Review: Alpha

I picked up Greg Rucka’s Alpha because Warren Ellis had nice things to say about it and because I’ve enjoyed his comics writing.  In Alpha I found a well executed thriller that didn’t have much ambition beyond that.  Now, I like a potboiler more than the next guy, so a well-executed thriller is nothing to apologize for.  It did throw Gun Machine into sharp relief, though.

Rucka’s action is tautly written and clear to follow.  Even though we’re pretty sure how things will go in the long run, there is plenty of suspense in the individual engagements. It’s always clear who’s doing what to whom and what the stakes are.  Tension builds and the action proceeds at a snappy clip.  The tactics and strategy of heroes and villains are believable and original in an action movie kind of world. The pot boils nicely.

I do wish that I cared about the characters some more.  Everyone is a little too much a variation on a theme from central casting.  I gave up trying to tell members of his anti-terrorist team apart, though they all do have cool code names.  The most interesting variations are a well realized sleeper agent and the protagonist’s deaf teenage daughter. Probably the worst thing about the undercharacterization is that when the protagonist is feeling put upon by his alienated family it’s hard not to see their point.  He is a duty-driven action hero who doesn’t do enough to help people he ostensibly cares about to see his side and that’s what they tell him.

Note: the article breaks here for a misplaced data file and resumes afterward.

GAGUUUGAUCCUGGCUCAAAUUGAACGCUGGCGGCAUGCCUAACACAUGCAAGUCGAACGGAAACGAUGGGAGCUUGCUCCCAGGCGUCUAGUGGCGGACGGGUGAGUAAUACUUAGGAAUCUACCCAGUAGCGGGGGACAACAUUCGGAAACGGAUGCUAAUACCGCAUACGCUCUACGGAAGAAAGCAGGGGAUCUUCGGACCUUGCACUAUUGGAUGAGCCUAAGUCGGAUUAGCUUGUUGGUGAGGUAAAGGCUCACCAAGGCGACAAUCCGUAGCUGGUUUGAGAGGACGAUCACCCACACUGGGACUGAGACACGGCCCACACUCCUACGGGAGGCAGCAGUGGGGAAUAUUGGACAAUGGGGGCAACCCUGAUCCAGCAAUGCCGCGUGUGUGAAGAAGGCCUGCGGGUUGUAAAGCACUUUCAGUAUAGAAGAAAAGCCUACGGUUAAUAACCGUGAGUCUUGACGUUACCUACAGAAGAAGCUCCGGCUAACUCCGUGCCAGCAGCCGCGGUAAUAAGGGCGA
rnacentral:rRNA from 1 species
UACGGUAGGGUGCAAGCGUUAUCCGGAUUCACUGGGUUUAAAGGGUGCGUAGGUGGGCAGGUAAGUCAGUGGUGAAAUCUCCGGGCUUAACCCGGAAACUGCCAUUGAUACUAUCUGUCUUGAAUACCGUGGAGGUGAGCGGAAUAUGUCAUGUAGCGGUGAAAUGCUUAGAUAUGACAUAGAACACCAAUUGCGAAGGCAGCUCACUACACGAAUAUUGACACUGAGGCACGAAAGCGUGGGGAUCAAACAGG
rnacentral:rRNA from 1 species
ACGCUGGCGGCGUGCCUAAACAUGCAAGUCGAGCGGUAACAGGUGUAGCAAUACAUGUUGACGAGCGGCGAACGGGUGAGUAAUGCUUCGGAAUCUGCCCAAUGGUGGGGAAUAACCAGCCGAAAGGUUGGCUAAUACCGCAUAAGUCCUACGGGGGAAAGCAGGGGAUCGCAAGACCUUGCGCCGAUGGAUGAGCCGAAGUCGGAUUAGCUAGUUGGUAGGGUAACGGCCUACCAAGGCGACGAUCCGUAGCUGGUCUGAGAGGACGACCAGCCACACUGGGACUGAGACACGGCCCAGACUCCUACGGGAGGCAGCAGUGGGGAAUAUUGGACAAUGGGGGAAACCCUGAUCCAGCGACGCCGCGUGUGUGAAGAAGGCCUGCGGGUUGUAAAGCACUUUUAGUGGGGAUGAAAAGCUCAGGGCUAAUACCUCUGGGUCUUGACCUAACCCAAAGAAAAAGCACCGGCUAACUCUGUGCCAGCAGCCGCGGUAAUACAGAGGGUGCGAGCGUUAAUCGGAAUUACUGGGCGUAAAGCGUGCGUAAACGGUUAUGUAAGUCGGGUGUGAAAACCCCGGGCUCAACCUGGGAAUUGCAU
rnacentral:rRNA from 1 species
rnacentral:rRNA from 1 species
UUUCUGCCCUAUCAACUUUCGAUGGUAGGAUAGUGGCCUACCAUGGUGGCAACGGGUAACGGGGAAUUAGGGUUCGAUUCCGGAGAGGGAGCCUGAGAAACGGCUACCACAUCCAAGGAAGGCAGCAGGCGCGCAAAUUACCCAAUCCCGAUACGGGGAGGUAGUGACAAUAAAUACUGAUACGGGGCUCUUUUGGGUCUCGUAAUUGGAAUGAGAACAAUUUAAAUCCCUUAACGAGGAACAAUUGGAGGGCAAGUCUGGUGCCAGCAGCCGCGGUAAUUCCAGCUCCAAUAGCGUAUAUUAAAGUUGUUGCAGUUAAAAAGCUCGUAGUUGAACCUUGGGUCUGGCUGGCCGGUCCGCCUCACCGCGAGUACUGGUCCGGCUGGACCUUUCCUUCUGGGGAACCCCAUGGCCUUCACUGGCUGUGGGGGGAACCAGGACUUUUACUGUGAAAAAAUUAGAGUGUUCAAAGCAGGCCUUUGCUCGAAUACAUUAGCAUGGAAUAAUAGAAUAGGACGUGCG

Back at the plot, things are moving quickly and cleanly toward an exciting conclusion.  As long as you keep your eye on that, Alpha is a lot of fun.

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